Mental Health and the Australian Population

In the E‐Mental Health Strategy for Australia, released by the Federal Government in 2012, the following statistics were provided;

"Approximately 17.2 per cent or 3.8 million Australians are estimated to be affected by mental illness in any one year – meaning that they experience symptoms at diagnostic levels, for either brief or extended periods.  This estimate excludes dementia and alcohol/drug-related disorders, except where these are concurrent with a mental disorder. The figure rises to about 20 per cent, or 4.4 million people, when alcohol and drug-related conditions are included.

A further 15 per cent of the population have experienced a mental disorder previously in their lives but not had symptoms over the past 12 months at a level that would warrant a formal diagnosis.  In total, approximately one in three (32 per cent) of Australians will experience a mental illness during their lives.  When alcohol and drug use disorders are included, this figure rises to 45 per cent of the population.

Anxiety disorders and depression are the most common disorders, affecting approximately 9 per cent and 7 per cent, respectively, of the adult population each year.  Collectively referred to as ‘high prevalence’ illnesses, these disorders include diverse conditions (for example, post traumatic stress disorder, panic disorder, agoraphobia, obsessive compulsive disorder and depression), with differing treatment requirements and outcomes.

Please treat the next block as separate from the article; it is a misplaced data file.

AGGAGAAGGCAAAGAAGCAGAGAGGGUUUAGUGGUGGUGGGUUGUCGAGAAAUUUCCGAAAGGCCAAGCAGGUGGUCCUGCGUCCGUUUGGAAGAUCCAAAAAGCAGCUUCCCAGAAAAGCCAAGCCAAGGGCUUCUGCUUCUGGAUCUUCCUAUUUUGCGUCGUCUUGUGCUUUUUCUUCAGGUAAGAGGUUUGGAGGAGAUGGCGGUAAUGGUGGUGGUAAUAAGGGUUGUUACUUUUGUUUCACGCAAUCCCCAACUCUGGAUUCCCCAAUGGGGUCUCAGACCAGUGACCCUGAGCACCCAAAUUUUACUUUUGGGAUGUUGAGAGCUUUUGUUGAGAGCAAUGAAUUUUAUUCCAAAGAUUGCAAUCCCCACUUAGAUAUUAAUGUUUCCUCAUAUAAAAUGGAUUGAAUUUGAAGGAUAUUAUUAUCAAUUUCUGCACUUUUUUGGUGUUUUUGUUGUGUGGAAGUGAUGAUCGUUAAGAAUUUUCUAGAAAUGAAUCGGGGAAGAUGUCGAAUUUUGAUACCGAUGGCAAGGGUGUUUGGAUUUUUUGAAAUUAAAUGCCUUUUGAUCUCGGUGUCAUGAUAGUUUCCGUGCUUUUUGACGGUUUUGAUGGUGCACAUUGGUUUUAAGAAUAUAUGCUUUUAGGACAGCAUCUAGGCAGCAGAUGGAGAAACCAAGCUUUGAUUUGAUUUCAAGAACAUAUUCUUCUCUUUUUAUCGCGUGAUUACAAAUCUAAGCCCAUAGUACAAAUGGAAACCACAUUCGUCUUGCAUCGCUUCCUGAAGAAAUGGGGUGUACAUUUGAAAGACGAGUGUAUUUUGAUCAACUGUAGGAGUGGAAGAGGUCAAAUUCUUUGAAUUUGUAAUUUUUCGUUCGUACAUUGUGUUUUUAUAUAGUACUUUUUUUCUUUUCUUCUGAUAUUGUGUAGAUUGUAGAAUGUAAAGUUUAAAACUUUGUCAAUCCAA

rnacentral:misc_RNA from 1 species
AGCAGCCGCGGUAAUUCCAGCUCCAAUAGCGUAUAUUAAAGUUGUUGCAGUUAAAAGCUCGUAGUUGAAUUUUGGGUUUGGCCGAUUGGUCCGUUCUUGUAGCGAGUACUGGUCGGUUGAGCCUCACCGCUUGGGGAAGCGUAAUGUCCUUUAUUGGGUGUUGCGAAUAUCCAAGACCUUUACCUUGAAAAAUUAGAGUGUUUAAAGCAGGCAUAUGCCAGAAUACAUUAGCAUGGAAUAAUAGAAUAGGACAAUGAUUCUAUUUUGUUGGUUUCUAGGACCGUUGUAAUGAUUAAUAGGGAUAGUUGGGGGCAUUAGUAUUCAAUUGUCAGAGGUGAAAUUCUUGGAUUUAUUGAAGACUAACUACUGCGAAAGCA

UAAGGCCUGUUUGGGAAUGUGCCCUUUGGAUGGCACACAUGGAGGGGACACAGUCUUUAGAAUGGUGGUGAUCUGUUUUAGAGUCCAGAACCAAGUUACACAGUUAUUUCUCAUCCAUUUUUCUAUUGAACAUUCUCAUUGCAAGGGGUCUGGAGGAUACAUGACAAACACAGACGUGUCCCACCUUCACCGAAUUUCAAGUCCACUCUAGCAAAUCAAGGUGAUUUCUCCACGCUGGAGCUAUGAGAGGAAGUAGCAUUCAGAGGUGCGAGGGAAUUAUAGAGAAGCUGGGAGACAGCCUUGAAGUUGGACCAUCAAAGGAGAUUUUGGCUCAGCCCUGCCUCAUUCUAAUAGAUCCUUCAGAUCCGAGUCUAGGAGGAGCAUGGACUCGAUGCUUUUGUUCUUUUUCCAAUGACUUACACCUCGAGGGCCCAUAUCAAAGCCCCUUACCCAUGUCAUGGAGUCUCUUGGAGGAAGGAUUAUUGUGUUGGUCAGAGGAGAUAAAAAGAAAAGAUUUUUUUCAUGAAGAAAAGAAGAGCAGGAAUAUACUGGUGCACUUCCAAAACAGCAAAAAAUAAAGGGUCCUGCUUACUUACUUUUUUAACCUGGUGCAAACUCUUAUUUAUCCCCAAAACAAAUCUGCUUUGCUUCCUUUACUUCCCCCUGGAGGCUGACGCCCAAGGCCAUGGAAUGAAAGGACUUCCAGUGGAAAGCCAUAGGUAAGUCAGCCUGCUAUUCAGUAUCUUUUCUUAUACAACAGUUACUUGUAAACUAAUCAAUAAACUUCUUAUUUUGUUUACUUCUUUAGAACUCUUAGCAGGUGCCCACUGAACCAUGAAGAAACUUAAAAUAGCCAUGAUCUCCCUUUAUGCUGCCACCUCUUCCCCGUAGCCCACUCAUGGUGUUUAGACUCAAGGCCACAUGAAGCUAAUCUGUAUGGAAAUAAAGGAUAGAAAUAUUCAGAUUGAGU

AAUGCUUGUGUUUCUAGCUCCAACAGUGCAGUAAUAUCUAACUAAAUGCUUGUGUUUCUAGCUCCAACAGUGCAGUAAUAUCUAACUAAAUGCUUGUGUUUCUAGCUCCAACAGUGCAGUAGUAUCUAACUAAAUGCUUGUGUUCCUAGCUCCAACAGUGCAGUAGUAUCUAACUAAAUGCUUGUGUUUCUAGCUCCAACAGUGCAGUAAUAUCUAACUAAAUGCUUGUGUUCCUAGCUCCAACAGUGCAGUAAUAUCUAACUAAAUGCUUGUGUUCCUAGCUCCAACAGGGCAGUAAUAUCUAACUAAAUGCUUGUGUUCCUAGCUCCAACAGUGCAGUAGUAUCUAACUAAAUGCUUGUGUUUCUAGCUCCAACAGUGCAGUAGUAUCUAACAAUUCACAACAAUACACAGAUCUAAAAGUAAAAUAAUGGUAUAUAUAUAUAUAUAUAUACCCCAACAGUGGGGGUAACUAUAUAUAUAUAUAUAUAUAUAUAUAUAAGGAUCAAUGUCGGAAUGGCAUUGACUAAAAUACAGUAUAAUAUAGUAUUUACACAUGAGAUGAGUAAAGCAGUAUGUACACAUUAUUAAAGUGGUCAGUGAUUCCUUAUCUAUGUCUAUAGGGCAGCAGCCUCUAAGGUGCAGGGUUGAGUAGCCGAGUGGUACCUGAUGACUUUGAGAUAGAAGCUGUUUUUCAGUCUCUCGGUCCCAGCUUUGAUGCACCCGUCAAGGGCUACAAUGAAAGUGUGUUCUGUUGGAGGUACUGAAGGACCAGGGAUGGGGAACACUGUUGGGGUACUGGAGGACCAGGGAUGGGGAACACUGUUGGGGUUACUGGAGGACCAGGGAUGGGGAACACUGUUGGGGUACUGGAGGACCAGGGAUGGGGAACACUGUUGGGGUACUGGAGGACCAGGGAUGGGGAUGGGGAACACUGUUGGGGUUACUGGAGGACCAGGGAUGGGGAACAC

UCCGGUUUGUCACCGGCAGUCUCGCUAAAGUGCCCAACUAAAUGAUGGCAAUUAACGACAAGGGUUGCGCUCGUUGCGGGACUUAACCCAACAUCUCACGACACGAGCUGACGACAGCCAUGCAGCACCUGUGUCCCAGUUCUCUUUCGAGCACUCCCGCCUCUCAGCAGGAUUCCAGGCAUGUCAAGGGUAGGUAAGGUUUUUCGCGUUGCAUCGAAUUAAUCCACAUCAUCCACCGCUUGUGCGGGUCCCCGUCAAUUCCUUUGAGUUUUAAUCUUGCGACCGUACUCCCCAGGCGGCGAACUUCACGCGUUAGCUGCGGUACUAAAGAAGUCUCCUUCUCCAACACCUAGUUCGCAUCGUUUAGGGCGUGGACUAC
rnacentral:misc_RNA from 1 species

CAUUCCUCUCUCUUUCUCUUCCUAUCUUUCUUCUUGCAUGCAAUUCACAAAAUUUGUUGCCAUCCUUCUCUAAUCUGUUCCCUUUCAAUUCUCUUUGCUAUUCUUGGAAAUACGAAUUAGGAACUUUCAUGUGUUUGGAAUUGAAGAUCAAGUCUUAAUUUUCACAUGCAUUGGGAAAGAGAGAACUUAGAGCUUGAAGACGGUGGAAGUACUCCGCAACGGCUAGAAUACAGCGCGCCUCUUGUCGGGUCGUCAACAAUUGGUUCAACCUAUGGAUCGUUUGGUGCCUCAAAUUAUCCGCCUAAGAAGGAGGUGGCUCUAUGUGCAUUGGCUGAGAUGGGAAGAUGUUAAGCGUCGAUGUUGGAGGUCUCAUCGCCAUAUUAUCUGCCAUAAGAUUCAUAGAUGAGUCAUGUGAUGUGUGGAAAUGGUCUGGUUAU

It is these disorders, in mild to moderate severity, that the evidence shows can be effectively treated through online programs.

Mental illness also includes other less common or ‘low prevalence’ conditions such as schizophrenia and bipolar disorder.  Together, these two disorders affect approximately 1 per cent of the adult population in any one year, and 2 per cent over the course of a lifetime.  Prevalence rates vary across the lifespan and are highest in the early adult years, the period during which people are usually completing education, establishing families and independent working lives."
The 14th International Mental Health Conference will focus on the complex mental health issues of Depression, Schizophrenia, Bipolar Disorder and Dementia. It will be held at Outrigger, Surfers Paradise on Monday the 5th and Tuesday the 6th of August 2013.  Optional workshops will be held on Wednesday the 7th of August.

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